My apologies to anyone who has been peeking in here to see if they have missed anything. You haven’t. I just haven’t posted anything in the last 3 weeks. Life took over, inspiration dried up, and I’ve been reading rather than writing.
My reading has included some of the best I’ve come across for a long time: a casual recommendation by an old friend of an author I’m ashamed to say I had never heard of, and I deeply regret this Bildungslücke which I am eager to fill.
Patrick Leigh Fermor is the name to remember. An enfant terrible, a gifted linguist, lover of literature, extremely intelligent, adventurous – and according to a school report “a dangerous mixture of sophistication and recklessness” – he was expelled from schools where his individuality caused upheavals, nevertheless acquiring an admirable education en route. He must also have possessed tremendous charm, something that was far better appreciated in continental Europe than in the stifling atmosphere of the English educational institutions he attended.
In December of 1933, two months before his 19th birthday, and long before the gap year had been invented, he set off on a lone hike from the Hook of Holland to Constantinople, taking only essentials in his rucksack, including Horace’s Odes and The Oxford Book of English Verse. His only financial support was the promise of an envelope from his mother containing £4 awaiting him at pre-arranged post offices spaced at monthly intervals. His account of his journey, mostly on foot, is multidimensional, told not only from the perspective of the eager young adventurer, but also with the insights and wisdom of the mature man he later became and who finally wrote down this remarkable story many decades after the events. His all-encompassing curiosity and willingness to share the everyday lives of all he meets on his journey – from respectable burghers and innkeepers to monks, drop-outs and gypsies, from peasants to barons, counts and princes, and whether sleeping in a hayrick or in a mediaeval castle – make his story one that you don’t want to interrupt. Start reading after a hearty breakfast because you won’t want to stop for lunch, tea or dinner! Unputdownable!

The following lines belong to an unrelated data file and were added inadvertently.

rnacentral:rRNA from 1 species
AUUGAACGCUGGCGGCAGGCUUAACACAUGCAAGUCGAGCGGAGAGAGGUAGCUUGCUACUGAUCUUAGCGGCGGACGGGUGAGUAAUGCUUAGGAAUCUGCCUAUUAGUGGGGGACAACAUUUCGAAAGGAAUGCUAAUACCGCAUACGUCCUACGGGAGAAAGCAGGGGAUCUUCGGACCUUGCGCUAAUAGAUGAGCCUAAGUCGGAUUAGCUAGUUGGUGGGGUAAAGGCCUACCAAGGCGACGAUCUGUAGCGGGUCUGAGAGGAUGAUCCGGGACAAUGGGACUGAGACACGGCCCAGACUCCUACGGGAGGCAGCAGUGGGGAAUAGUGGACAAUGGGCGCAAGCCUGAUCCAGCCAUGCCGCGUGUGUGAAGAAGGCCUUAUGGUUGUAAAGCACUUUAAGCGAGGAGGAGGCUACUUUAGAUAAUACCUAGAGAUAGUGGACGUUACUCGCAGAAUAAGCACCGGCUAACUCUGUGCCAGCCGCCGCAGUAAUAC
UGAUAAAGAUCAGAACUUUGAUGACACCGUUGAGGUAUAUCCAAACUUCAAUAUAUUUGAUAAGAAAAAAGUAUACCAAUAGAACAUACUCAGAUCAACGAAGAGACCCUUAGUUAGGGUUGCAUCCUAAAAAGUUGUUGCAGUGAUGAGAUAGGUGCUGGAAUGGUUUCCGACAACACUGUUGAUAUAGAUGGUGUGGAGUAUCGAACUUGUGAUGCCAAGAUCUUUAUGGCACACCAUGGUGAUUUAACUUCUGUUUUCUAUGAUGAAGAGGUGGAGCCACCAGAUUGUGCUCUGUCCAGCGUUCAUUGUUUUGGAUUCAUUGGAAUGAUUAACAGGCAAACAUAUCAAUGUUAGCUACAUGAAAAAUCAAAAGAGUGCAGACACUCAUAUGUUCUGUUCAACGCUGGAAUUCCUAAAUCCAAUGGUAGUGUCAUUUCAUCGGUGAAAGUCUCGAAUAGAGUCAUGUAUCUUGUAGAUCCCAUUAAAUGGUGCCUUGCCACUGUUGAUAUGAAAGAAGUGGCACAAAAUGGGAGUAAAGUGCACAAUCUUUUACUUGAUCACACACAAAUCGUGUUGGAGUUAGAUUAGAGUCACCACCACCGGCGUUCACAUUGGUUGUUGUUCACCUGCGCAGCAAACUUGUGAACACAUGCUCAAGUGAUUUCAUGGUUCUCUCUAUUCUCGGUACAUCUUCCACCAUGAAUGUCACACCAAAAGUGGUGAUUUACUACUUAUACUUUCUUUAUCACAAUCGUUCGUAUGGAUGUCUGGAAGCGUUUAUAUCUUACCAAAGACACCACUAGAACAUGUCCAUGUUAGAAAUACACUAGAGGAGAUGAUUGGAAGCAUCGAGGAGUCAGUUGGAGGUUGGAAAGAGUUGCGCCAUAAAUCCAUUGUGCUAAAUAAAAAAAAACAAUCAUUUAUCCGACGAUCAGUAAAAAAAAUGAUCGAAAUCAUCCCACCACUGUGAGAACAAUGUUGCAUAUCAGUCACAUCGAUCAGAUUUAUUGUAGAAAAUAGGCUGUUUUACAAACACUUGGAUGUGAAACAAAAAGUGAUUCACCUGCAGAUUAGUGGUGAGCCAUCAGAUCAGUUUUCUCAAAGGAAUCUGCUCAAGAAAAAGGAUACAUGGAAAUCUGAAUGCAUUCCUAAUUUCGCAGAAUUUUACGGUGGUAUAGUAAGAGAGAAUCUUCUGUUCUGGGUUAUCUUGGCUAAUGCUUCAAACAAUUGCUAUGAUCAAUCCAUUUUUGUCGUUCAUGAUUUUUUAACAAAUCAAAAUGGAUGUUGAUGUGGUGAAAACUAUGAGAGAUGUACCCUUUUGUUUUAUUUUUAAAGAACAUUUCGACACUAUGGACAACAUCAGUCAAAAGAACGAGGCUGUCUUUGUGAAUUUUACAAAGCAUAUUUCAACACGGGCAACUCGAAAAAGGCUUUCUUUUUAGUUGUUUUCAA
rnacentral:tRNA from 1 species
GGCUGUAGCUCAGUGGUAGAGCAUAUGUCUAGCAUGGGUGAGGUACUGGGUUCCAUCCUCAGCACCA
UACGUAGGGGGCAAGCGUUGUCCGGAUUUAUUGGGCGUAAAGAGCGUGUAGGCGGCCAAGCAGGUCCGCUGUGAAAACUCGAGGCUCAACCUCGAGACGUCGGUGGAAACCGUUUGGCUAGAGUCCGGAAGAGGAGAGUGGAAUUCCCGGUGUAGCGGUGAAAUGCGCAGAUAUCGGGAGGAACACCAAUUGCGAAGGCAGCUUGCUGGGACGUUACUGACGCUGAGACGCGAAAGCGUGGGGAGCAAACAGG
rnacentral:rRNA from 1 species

There are historical digressions woven into the narrative that bring century-old events into the present, and of course there is the inevitable bittersweet awareness that the world he experienced in the years between 1933 and 1935, with its unique culture and centuries-old traditions, was doomed, and would never, ever be the same again.
The author, sadder, wiser, older, leaps ahead occasionally with forays into his experiences during the Second World War, with unexpected encounters and links with people and places that figure in his earlier travels.
His gift for story-telling and incomparable command of language, his knack of bringing characters to life with a few strokes, and his fascinating summaries of deep research into whatever caught his interest, make Patrick Leigh Fermor into one of the greatest twentieth-century travel writers. Richard Woodward, a BBC journalist, described him as “a cross between Indiana Jones, James Bond and Graham Greene”.
I am wondering how I managed never to have come across him before! These are most definitely my books of the month: A Time of Gifts and Between the Woods and the Water, available in hardback, paperback and – in my case – downloaded as e-books for Kindle. The end of this journey is told in the book he failed to finish before his death, published as The Broken Road and based on his draft. That treat still lies in store for me, but in the meantime I am reiterating the old saying: Es ist die Reise und nicht das Ziel – the journey, not the destination.
PS: I have just discovered that Walking the Woods and the Water: In Patrick Leigh Fermor’s footsteps from the Hook of Holland to the Golden Horn – A Time of Gifts, Between the Woods & the Water and The Broken Road by Nick Hunt, (Nicholas Brealey Publishing) has been shortlisted for the 2015 Stanford Dolman Travel Book of the Year.